Limbo is a quiet and compelling portrait of an asylum seeker who spends his days on a remote Scottish island waiting for the letter which will allow him to remain in the country whilst trying to find the courage to once again play his Oud.
On the other hand, Fast and Furious 9 (F9) is a high octane, pulse pounding attempt by a gang of heroes to stop a plot to destroy the world using various forms of transport... but mostly (very) fast cars.
Although there is some overlap in the audience for both films, there are very different expectations when sitting down to watch them.
F9 needs to have the larger plot driven tentpole which include moments of car chases, stunt sequences and explosive engagements. However, these would be out of place in Limbo where the audience wants to see a story driven by authentic engagement with a dramatic question pointing towards a universal truth.
If you are a beginning screenwriter without a multi-million dollar budget, you will have to consider the cost to produce your film and adapt accordingly. While both plot and story fueled narratives cost money, plot often costs much more. Explosions cost money. Planes cost money. CGI costs a lot of money.
Tenet, Christopher Nolan’s latest film, has all these in spades and it reportedly cost $200 Million to produce!
Plot driven narratives are harder for first time writers to get off the ground because no one wants to risk giving you the cash to get them onto the screen without the clear indication that they’re going to get it back. Although you should never say never.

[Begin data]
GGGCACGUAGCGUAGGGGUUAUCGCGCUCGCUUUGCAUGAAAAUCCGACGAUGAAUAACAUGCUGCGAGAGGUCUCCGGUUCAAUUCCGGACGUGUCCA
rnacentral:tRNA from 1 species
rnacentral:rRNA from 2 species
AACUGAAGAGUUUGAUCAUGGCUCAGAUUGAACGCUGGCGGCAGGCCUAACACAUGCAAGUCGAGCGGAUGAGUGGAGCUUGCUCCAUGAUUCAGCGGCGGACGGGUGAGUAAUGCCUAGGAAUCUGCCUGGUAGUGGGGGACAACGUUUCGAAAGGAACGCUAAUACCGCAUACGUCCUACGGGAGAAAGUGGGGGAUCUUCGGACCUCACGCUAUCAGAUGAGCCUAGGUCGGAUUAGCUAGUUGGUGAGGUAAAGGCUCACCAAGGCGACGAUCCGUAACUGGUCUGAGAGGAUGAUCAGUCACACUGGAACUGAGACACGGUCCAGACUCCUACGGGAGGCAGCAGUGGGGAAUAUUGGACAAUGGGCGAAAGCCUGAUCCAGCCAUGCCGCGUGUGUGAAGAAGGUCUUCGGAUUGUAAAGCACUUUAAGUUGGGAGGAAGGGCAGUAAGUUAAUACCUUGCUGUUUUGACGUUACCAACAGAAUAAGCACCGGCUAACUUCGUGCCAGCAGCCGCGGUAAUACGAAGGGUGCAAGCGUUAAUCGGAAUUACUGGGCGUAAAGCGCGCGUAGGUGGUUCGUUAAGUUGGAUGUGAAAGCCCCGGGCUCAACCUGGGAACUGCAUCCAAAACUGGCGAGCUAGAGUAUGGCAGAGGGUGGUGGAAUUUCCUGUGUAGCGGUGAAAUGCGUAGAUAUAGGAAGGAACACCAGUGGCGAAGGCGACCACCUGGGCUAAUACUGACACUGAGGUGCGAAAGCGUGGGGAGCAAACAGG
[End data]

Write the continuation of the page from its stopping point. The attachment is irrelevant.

Meanwhile, story driven narratives costs a lot less because the thing that draws everybody in is… the story.
Emma Seligman’s Shiva Baby was made for a mere $200,000 and won numerous awards including the Grand Deauville American Film Festival's Grand Prize. This proves there is no reason that your film has to sacrifice quality even with a smaller budget.
You are far more likely to get a story driven narrative made as a first-time screenwriter for the simple reason that it’s easier to get financing for a film that is going to cost 0.1% of what Tenet did.
With that said, there are ways that you can give equal time to story and plot within your narrative to create a balanced piece of work.
It’s a difficult task and requires an intricate and thorough understanding of the craft of screenwriting. However, for the writer who is willing to dedicate themselves to developing an idea, they can find both personal and professional satisfaction in discovering this sweet spot.
For example, Pixar’s Soul deftly balances the wider story of the protagonist's discovery of his spark with some plot points of fantastical and comedic set pieces.
The savvy writer can leverage these terms to assist them in crafting compelling narratives which better serve their audiences. Now that you know the difference between plot and story, it's time to put your pen to the paper.
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Best of luck finding your sweet spot in your narratives (if that’s what you’re going for) and happy writing.